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A small problem. Any idea guys why this does not work?

int? nullableIntVal = (this.Policy == null) ? null : 1;

I am trying to return 'null' if the left hand expression is True, else 1. Seems simple but gives compilation error -

Type of conditional expression cannot be determined because there is no implicit conversion between 'null' and 'int'

If I replace the " ? null : 1 " with any valid int, then there is no problem.

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5 Answers 5

up vote 17 down vote accepted

Yes - the compiler can't find an appropriate type for the conditional expression. Ignore the fact that you're assigning it to an int? - the compiler doesn't use that information. So the expression is:

(this.Policy == null) ? null : 1;

What's the type of this expression? The language specification states that it has to be either the type of the second operand or that of the third operand. null has no type, so it would have to be int (the type of the third operand) - but there's no conversion from null to int, so it fails.

Cast either of the operands to int? and it will work, or use another way of expessing the null value - so any of these:

(this.Policy == null) ? (int?) null : 1;

(this.Policy == null) ? null : (int?) 1;

(this.Policy == null) ? default(int?) : 1;

(this.Policy == null) ? new int?() : 1;

I agree it's a slight pain that you have to do this.


From the C# 3.0 language specification section 7.13:

The second and third operands of the ?: operator control the type of the conditional expression. Let X and Y be the types of the second and third operands. Then,

  • If X and Y are the same type, then this is the type of the conditional expression.

  • Otherwise, if an implicit conversion (§6.1) exists from X to Y, but not from Y to X, then Y is the type of the conditional expression.

  • Otherwise, if an implicit conversion (§6.1) exists from Y to X, but not from X to Y, then X is the type of the conditional expression.

  • Otherwise, no expression type can be determined, and a compile-time error occurs.

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1  
sickeningly comprehensive... –  David Neale May 21 '10 at 10:51
    
insanely precise and accurate. –  this. __curious_geek May 21 '10 at 10:53
    
@David: It wasn't comprehensive before I had the quote from the language spec. I feel better about it now :) –  Jon Skeet May 21 '10 at 10:57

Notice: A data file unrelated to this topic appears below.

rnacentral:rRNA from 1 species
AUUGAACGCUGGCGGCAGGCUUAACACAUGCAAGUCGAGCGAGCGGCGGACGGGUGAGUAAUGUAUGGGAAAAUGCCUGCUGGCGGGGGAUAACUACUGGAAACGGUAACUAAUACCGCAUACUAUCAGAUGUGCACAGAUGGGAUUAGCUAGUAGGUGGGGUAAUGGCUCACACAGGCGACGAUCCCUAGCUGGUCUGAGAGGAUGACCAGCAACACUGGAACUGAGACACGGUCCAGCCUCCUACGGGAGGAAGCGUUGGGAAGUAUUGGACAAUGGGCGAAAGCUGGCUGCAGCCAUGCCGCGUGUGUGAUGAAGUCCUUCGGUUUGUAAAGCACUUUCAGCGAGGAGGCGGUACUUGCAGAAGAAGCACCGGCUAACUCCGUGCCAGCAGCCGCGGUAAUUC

@Jon: Very nice answer indeed. From a stylistic point of view which of your suggestions do you think is best and why? –  Doctor Jones May 21 '10 at 11:23
    
@DoctaJonez: I think I'd probably use the first form... but each of them is okay... and none of them is particularly nice :( –  Jon Skeet May 21 '10 at 11:46

try this:

int? nullableIntVal = (this.Policy == null) ? (int?) null : 1; 
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Maybe you could try :

default( int? );

instead of null

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int? i = (true ? new int?() : 1);

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This works: int? nullableIntVal = (this.Policy == null) ? null : (int?)1;.

Reason (copied from comment):

The error message is because the two branches of the ?: operator (null and 1) don't have a compatible type. The branches of the new solution (using null and (int?)1) do.

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an int will implicitally cast to int? - the OP is having problems assigning null to the int? –  David Neale May 21 '10 at 10:48
    
The error message is because the two branches of the ?: operator (null and 1) don't have a compatible type. The branches of the new solution (using null and (int?)1) do. –  Stephen Cleary May 21 '10 at 10:50
    
I don't think he wants it to be simply 1 –  KroaX May 21 '10 at 10:50
    
Stephen's answer is correct. The compiler error is raised because C# doesn't find types of null and 1 compatible. So by casting 1 to int? you make the whole expression compatible with int?. –  ssg May 21 '10 at 10:52
    
Oh there he already said it :) –  ssg May 21 '10 at 10:53

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